As told to Sophie Gilbert
I was concertmaster—the first violinist—for a professional pickup orchestra in New Jersey, and we were performing Rhapsody in Blue with Mel Tormé. I was probably 22 years old. The conductor didn’t show up, and all my friends knew that I wanted to conduct, so they said, “Oh, Marin will do it.”
It was exciting. I had dreamed about being a conductor for so long that finally being able to do it felt natural. It felt like being home—like this was not only what I wanted to be doing; it was what I should be doing. When you do something for the first time, it can seem easier than it really is because you don’t know all the challenges involved. I remember thinking, this feels relatively easy. But then as I got into it later, it got much harder.
I’d wanted to be a conductor since the first time I saw Leonard Bernstein conduct. I was nine years old, and my father took me to a young people’s concert by the New York Philharmonic. We sat so close I could feel Bernstein’s energy. He turned and talked to the audience, and I explained to my father afterwards that he was speaking only to me. I told my father, “I want to do exactly what he’s doing when I grow up.” I was swept up in the excitement of symphonic music.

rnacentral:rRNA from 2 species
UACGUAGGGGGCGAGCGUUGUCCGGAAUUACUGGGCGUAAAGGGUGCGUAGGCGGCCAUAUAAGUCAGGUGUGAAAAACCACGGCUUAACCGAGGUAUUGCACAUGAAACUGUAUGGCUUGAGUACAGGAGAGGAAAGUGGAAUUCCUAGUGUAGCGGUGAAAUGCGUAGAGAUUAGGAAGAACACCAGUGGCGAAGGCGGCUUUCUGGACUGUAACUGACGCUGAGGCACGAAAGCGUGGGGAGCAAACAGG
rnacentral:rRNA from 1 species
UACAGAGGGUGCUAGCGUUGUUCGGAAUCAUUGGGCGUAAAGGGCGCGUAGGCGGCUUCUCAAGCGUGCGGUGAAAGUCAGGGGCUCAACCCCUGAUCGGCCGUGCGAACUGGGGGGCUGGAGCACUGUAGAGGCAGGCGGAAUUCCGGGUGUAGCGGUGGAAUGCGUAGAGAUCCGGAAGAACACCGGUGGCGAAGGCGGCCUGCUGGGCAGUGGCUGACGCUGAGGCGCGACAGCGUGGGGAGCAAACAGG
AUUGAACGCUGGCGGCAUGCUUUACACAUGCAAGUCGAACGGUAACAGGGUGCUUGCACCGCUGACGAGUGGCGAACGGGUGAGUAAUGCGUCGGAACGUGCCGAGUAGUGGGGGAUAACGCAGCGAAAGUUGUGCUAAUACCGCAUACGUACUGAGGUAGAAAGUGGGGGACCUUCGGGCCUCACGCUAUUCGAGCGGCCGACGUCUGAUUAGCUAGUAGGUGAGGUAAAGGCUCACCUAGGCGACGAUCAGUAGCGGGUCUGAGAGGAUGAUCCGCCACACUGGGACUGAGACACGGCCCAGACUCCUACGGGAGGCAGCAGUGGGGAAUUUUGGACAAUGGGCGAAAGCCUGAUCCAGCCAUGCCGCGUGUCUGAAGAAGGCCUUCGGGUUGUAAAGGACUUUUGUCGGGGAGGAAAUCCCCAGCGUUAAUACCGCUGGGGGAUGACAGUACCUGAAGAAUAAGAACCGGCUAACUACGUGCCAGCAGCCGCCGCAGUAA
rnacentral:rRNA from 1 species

Marin Alsop, the first woman to head a major US orchestra, has been music director of the Baltimore Symphony Orchestra since 2007.
This article appears in the November 2011 issue of The Washingtonian.